Today I paid a visit to the bank to sit with an advisor. My current work as a part-time Professor at a college does not have a pension scheme and I wanted to open up an investment vehicle in which I could stash a few dollars each month towards buying myself diapers and gin in my dotage.
We decided that I would open a TFSA which would invest money in mutual funds. Meaning, I was going to be putting money into the stock market.
What was fascinating to me is the number of hoops I had to jump through in order to do this.
We went through a lengthy questionnaire to determine my ‘risk appetite’ and also my ‘investment horizon’.
There were lots of questions like was I looking to generate an income from this investment or was I looking for long term growth? Was I hoping to match or beat inflation?
And crucially, how much money was I willing to lose?
In other words, they were VERY explicit that buying shares traded on the stock market comes with risk. While we can look at historical performance, they pointed out repeatedly that this was no indication of future performance and was I aware that I could end up with less money than I was putting in?
Once we had narrowed down a fund relative to my risk appetite, we then looked at the fund’s performance for the last ten years. They pointed out that in 2008, when the Global Financial Crisis happened, the fund lost 23.4%. On its best year, 2013, it made 18% profit. And how over ten years it had an average performance of 6.6%.
I found this transparency remarkable. And it demonstrates how regulation can be applied to educating consumers.
I was struck by the fact that when I used to sit in a hall on ‘Open Days’ at a previous University, my colleagues and I would try to compete with each other to ‘sell’ our degree programmes to potential students and their parents.
We would outline all the fantastic courses and learning opportunities they would get. We would look at a few testimonials from students about all that they got from their education and we would highlight a few star graduates who had gone on to achieve fantastic things.
I did try to give a rounder representation and spoke about the broader outcomes of graduates including working in box offices, going into teaching jobs, etc. And while the University trotted out data about how 98% of their graduates were in employment within 6 months of graduating, we never really gave any concrete figures of WHAT that employment actually was.
Now, I am not a philistine and I do not think that education doesn’t have all kinds of wonderful value that you can’t put a price tag on.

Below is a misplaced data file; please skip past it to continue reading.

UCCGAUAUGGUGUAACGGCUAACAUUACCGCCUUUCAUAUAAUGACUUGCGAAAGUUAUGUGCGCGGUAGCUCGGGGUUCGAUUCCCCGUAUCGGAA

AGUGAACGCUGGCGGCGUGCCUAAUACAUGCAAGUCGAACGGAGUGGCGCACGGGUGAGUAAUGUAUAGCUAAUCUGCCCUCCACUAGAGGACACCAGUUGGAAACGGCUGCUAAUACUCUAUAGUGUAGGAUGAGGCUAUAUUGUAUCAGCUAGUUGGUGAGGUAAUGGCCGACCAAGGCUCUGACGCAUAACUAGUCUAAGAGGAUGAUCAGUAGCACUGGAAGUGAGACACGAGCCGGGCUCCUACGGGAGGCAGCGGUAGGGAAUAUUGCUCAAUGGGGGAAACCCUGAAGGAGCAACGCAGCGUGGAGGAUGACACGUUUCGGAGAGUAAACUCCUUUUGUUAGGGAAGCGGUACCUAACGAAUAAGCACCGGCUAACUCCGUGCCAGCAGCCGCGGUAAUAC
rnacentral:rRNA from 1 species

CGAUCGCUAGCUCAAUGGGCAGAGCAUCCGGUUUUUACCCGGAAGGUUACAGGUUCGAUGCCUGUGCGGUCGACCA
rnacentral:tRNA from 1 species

However, the care with which the bank walked me through investing a small amount of money into a mutual fund — especially highlighting the financial risk of this investment — is not equalled in the education market.
UK tuition, where I was teaching, was £9,250 per year for a 3-year course. Plus £12,000- 20,000 per year living expenses to be in London for three years means the average student was taking on about £50-60,000 debt for a course in the performing arts.
Where the ‘return on their investment’ in purely financial terms was probably pretty low.
There was some research in the UK (ISF, 2016) that showed that a male student going into a creative subject degree will earn less over their lifetime than if they never went to University at all. That figure is only taking into account extrinsic reward from their work and not intrinsic reward, so the creative graduate might earn less over their lifetime but enjoy their work a lot more, which of course has value… but when considering the investment in the first place, should this not be spelled out for them so the consumer can make an informed choice?
Is it a case of ‘buyer beware’ and the onus rests on the student and his/her parents to fully research the possible outcomes in order to make an informed choice?
Or should education, like finance, have to be much more explicit about the ‘return on investment’ that their particular degree might bring?
I am sure some people will be riled by this and think that I am undermining the value of a creative degree. Or the value of going into a creative field of work.
I do not say this lightly. I have spent my life working in the creative industries and there are many wonderful things about them.
However, we need to start being a lot more honest about who can afford to work in these industries, on low wages (or no wages) and what other forms of subsidy they have.
This is a much bigger topic, that I will continue to explore. But to end today’s lesson – the care, caution and thoroughness with which the banking industry held my hand today and walked me through my various investment possibilities, and the risk that they carry, is, I believe, something we need to consider in the education field.
How much risk are you willing to take on? What is your risk appetite? Are you aware of the risks, not just the potential rewards, of putting your money on this educational path? That’s the honest discussion that I feel is missing and that the educational institutions perhaps don’t wish to have.